Developers need to keep in mind that there is no single 'flavor' of the Python programming language. There are many implementations, and some are explicitly built to perform on embedded platforms superbly. The future of Python as a major player in the professional embedded development world hinges on proving that it can meet or exceed the performance of C. We can look to history to provide some insights. After all, the shift from assembly to C did not occur overnight. Assembly is still used for performance-crucial sections of a C program by inserting assembly code inside C macros. Python and C can work together similarly.

Another consideration is that the microcontrollers are lightyears more powerful than the microcontrollers of ten or twenty years ago. Clock cycles have gone from being measured in a few megahertz to over a gigahertz. Flash memory, once measured in dozens of kilobytes, is now measured in several megabytes. Fortunately, the significant increase in performance has not come with a commensurate increase in price. Thus, embedded application developers can write higher-level code without minding every clock cycle or byte of memory necessarily and still turn out responsive, high-quality products.


Programming languages, like spoken languages, evolve and grow to respond to the needs of the times. CPython derivatives that are expressly built for embedded systems, such as MicroPython and CircuitPython, are poised to be key players in the future of embedded development because they democratize the creation process. When combined with some basic knowledge of electronic hardware, embedded Python languages enable people, regardless of skill level, to blend the physical and the digital. That type of capability unlocks possibilities that were unfathomable just years ago. Around the world, accessible, open-source programming languages and embedded platforms let local communities build tools that are localized, specific to their needs, cost-effective, and sustainable. From allowing us to create programs that monitor the environmental effects of transportation in large cities to those that monitor the water quality in a refugee camp, embedded Python is helping to make the world a better place, one line of code at a time.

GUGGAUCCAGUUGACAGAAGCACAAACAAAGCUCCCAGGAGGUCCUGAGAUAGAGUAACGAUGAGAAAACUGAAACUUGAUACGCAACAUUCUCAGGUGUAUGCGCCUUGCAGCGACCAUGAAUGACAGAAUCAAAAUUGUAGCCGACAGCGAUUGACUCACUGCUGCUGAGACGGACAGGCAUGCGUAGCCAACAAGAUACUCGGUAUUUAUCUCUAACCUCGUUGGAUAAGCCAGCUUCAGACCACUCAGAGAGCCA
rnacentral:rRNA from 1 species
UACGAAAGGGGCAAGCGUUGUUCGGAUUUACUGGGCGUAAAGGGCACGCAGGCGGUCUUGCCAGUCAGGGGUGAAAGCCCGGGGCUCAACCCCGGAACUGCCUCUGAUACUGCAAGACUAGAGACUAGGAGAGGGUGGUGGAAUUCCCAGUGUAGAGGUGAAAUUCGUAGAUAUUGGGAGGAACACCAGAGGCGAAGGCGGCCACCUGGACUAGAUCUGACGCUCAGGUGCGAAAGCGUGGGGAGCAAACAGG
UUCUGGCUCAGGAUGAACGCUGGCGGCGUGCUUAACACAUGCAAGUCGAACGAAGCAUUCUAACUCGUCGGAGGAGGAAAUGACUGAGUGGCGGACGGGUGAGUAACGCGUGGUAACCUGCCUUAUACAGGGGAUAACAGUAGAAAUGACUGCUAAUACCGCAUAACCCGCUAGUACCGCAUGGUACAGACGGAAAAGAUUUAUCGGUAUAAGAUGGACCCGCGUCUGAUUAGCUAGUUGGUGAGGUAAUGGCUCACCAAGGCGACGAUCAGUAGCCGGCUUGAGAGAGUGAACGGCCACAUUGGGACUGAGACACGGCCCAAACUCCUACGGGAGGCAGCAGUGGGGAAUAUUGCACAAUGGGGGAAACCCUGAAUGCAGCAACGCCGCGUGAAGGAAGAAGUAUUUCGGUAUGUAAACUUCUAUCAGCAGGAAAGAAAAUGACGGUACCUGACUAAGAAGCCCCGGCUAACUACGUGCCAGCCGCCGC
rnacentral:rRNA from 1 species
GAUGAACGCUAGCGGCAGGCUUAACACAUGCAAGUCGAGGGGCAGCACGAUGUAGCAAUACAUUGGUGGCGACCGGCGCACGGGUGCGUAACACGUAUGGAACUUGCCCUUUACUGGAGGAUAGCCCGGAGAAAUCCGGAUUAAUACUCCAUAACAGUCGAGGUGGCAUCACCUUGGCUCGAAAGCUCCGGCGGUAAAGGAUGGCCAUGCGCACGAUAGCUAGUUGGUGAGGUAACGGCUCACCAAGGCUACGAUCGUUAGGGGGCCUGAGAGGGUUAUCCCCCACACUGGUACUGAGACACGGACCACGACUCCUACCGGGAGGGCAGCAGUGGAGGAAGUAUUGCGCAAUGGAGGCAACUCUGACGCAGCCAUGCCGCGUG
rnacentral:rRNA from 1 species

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Michael Parks, P.E. is the co-founder of Green Shoe Garage, a custom electronics design studio and embedded security research firm located in Western Maryland. He produces the Gears of Resistance Podcast to help raise public awareness of technical and scientific matters. Michael is also a licensed Professional Engineer in the state of Maryland and holds a Master’s degree in systems engineering from Johns Hopkins University.